Saudi Arabia's envoy to the UN Human Rights Council, Faisal Trad, was appointed to chair a special appointments panel in the 30th session of the council. Diplomats in Geneva took the precaution of not advertising their decision in the full knowledge of the corruption of the meaning of upholding human rights when the decision was made to elect the Saudi ambassador. Mr. Neuer of UN Watch suspects that this represents an arrangement that prevented the Kingdom's bid to preside over the 47-nation council in exchange for compliance for the lesser position.
Presentation of Credentials by Saudi Arabia in Geneva
Left: Faisal Trad, Saudi Arabia’s ambassador in Geneva, has been elected Chair of the UN Human Rights Council panel that appoints independent experts. Right: Michael Møller, Director-General of the United Nations Office at Geneva.

Riyadh originally sought the council presidency, which was then followed by a protest led by UN Watch, to alert the international community to the proceedings whereby the misogynistic, backward, rigidly Islamist, Sunni jihad-supporting Saudi Arabia would head the UN's Human Rights Council. Because the United States has an amicable relationship with the Kingdom, reflecting its oil reserves and the power and influences that it occupies as a result, on the world stage, there was no protest from U.S. officials.

“We cannot forget that the U.S. and the EU refused to utter a word of protest when we urged them, together with Saudi dissidents, to oppose the monarchy’s election in 2013. It’s a sad comment on our world that oil continues to trump basic human rights principles.”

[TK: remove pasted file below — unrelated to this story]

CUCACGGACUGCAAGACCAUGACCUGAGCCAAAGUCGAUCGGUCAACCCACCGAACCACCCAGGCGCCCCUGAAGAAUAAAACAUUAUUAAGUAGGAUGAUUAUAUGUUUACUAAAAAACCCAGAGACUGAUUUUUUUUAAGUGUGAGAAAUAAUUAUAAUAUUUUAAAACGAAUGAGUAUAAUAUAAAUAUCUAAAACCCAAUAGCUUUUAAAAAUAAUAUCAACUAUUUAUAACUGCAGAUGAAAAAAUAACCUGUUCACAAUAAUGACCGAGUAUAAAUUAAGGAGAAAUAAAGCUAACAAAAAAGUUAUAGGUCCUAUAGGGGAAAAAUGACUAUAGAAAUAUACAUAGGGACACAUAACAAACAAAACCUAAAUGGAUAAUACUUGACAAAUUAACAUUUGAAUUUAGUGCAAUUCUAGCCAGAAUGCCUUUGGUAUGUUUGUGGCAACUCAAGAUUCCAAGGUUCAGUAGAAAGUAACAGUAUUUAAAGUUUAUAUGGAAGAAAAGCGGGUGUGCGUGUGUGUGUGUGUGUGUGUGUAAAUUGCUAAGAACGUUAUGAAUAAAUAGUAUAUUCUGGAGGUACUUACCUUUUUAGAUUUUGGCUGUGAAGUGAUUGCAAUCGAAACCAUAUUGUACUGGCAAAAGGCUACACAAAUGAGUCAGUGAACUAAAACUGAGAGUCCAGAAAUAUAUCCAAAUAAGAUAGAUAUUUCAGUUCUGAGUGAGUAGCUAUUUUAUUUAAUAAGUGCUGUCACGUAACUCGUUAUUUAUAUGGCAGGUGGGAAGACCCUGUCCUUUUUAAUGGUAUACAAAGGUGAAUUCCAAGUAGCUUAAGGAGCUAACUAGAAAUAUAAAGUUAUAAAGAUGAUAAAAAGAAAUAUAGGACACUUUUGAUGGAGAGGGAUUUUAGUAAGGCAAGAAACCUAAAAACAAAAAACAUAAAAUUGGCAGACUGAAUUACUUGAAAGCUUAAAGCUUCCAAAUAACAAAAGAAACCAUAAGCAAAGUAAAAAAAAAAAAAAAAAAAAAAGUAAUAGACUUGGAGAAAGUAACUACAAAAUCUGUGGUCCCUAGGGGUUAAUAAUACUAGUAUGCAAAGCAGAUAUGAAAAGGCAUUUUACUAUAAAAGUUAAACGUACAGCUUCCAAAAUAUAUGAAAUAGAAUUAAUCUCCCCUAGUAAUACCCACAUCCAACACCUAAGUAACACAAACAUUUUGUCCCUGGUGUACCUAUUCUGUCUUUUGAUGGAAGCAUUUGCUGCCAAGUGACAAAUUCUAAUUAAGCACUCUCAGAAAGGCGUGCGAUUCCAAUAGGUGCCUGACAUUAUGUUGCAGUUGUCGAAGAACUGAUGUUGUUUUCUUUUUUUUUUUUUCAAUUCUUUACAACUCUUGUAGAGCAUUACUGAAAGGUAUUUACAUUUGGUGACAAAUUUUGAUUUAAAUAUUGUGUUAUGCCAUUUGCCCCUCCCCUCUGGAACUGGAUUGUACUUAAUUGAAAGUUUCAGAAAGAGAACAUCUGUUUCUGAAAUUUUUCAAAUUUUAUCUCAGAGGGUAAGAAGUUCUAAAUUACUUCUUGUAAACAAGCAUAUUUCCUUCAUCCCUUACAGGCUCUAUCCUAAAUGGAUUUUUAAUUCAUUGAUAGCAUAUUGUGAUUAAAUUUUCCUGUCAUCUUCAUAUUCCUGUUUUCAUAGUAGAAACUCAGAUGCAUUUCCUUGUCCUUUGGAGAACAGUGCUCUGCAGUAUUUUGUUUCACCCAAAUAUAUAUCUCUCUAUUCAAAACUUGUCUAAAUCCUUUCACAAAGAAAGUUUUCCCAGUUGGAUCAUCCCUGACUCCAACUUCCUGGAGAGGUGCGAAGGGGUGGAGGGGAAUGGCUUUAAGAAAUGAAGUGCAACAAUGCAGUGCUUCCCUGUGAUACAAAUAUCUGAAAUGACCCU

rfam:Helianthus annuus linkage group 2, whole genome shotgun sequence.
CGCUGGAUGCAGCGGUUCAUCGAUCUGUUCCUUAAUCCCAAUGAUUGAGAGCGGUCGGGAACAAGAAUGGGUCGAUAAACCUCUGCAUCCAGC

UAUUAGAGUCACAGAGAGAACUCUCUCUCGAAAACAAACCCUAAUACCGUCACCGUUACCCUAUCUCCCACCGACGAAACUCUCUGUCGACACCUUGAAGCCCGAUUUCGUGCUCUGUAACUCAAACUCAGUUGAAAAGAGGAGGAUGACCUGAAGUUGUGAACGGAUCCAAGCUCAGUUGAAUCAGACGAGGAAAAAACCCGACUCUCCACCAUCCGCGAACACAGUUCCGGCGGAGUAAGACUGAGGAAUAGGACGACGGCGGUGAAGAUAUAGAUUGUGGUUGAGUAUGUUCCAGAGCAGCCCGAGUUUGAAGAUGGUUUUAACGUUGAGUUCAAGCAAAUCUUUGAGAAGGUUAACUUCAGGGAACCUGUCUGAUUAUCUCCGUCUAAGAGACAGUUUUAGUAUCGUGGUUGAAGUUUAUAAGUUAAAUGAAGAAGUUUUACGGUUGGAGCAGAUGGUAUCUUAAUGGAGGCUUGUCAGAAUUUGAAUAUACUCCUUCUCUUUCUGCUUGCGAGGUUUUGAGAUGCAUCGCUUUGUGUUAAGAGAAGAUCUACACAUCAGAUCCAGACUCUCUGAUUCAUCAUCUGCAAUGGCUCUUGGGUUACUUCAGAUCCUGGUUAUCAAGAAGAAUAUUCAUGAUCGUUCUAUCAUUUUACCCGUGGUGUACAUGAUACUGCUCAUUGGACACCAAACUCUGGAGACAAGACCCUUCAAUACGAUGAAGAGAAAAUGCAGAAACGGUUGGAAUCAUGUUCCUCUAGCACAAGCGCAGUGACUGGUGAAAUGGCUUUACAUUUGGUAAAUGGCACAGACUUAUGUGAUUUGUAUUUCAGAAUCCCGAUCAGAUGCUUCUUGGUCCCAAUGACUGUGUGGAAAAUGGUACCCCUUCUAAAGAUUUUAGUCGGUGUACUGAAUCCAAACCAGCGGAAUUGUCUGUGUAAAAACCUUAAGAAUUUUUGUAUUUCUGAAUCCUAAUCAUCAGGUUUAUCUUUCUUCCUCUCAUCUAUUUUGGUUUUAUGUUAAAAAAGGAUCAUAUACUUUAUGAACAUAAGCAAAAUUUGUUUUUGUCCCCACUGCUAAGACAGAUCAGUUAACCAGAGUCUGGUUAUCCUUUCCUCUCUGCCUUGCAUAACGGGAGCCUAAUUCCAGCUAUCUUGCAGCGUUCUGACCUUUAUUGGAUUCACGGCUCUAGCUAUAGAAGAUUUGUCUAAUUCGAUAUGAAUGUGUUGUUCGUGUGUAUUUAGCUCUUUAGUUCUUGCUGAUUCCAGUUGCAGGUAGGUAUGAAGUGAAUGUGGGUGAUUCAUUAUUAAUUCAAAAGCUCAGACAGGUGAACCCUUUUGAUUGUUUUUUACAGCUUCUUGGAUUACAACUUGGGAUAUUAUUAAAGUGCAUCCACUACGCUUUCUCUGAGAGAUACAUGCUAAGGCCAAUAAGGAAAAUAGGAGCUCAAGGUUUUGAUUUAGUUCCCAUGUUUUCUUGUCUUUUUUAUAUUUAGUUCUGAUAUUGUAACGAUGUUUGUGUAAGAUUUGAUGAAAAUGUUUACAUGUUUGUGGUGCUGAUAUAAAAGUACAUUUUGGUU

“It’s bad enough that Saudi Arabia is a member of the council, but for the UN to go and name the regime as chair of a key panel only pours salt in the wounds for dissidents languishing in Saudi prisons, like human rights activist Raif Badawi.”
Hillel Neuer, UN Watch
In this instance as in many others, the United Nations' principles are seen to be completely morally bankrupt; in April, the EU and the US did nothing whatever to stop the fundamentalist Islamic Republic of Iran from gaining a prominent post on UN Women, the world agency for women’s equality and empowerment. The very concept of the Iranian Republic sitting on a UN body whose purpose is to uphold women's rights demonstrates the utter lack of trust any democratic nation can continue to place in the functions of the United Nations.

Iranian journalist Masih Alinejad, winner of the 2015 Geneva Summit Women’s Rights Award

"[The election represents] an insult to many Iranian women who are suffering from the lack of equal rights.”
“The existing laws in my country do not allow me as a woman to walk in public without wearing the veil; I, as a woman, do not even have the freedom to choose my own dress. The laws of the Islamic Republic of Iran do not allow me to travel or get an education without the permission of my husband. I cannot even get married without the permission of my father.”
“The laws in my country do not allow women to sing solo as our voice allegedly runs the risk of provoking men. Under laws of the Islamic Republic, my share of inheritance is half of that of my male relatives. Under the laws of the Islamic Republic, just last year more than 18,000 women ended up in court for being ‘badly veiled.’ UN Women was created by the United Nations as a body for gender equality and for the empowerment of women. If so, isn’t it an insult to women to give the leadership role to those governments that oppress their own women?”
Is anyone even listening?